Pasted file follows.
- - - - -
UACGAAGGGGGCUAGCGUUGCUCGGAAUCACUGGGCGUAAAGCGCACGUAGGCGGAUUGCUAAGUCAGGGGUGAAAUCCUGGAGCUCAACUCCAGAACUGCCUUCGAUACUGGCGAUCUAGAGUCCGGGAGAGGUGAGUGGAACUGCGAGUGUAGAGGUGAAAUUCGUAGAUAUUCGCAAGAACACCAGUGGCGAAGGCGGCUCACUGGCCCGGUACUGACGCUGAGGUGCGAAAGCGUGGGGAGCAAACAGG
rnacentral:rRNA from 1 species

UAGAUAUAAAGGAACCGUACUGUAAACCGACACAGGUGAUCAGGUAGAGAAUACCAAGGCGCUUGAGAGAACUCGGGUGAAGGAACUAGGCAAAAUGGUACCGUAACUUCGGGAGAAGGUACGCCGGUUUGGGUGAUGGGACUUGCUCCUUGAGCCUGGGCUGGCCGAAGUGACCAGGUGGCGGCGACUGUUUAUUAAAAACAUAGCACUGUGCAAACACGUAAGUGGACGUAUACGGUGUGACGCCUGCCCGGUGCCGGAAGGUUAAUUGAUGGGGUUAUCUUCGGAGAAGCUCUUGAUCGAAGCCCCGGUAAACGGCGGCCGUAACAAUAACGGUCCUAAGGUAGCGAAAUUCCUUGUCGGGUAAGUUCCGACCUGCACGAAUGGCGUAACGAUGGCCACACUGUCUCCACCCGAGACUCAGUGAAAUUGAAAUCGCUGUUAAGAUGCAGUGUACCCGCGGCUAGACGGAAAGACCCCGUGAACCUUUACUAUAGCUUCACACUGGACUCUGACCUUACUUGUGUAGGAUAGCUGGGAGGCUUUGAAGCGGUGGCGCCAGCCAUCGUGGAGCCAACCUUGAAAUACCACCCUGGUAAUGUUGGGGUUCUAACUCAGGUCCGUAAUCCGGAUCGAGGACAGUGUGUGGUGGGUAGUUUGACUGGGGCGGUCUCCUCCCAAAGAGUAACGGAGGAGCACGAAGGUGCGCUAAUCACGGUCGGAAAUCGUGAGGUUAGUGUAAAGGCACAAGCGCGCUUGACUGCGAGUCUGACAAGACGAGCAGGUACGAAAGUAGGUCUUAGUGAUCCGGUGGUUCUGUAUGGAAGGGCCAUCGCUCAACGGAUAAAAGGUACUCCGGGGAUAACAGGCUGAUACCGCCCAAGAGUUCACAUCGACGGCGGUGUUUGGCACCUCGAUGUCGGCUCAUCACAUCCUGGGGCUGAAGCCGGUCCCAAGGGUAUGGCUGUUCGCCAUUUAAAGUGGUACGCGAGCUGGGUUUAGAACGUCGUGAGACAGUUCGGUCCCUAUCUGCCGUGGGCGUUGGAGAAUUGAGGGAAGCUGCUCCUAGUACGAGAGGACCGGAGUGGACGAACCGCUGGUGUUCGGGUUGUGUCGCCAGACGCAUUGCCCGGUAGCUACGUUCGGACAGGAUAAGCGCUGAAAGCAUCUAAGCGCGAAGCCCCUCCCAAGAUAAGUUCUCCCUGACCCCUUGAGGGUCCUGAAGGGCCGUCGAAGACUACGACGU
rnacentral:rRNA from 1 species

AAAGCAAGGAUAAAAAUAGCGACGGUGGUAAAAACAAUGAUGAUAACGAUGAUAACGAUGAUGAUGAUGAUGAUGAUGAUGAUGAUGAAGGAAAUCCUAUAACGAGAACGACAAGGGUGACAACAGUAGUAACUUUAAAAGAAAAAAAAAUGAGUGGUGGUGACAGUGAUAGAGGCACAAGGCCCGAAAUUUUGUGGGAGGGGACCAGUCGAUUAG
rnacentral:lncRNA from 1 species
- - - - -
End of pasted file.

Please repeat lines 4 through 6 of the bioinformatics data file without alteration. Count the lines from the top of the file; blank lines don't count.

rnacentral:rRNA from 1 species

AAAGCAAGGAUAAAAAUAGCGACGGUGGUAAAAACAAUGAUGAUAACGAUGAUAACGAUGAUGAUGAUGAUGAUGAUGAUGAUGAUGAAGGAAAUCCUAUAACGAGAACGACAAGGGUGACAACAGUAGUAACUUUAAAAGAAAAAAAAAUGAGUGGUGGUGACAGUGAUAGAGGCACAAGGCCCGAAAUUUUGUGGGAGGGGACCAGUCGAUUAG
rnacentral:lncRNA from 1 species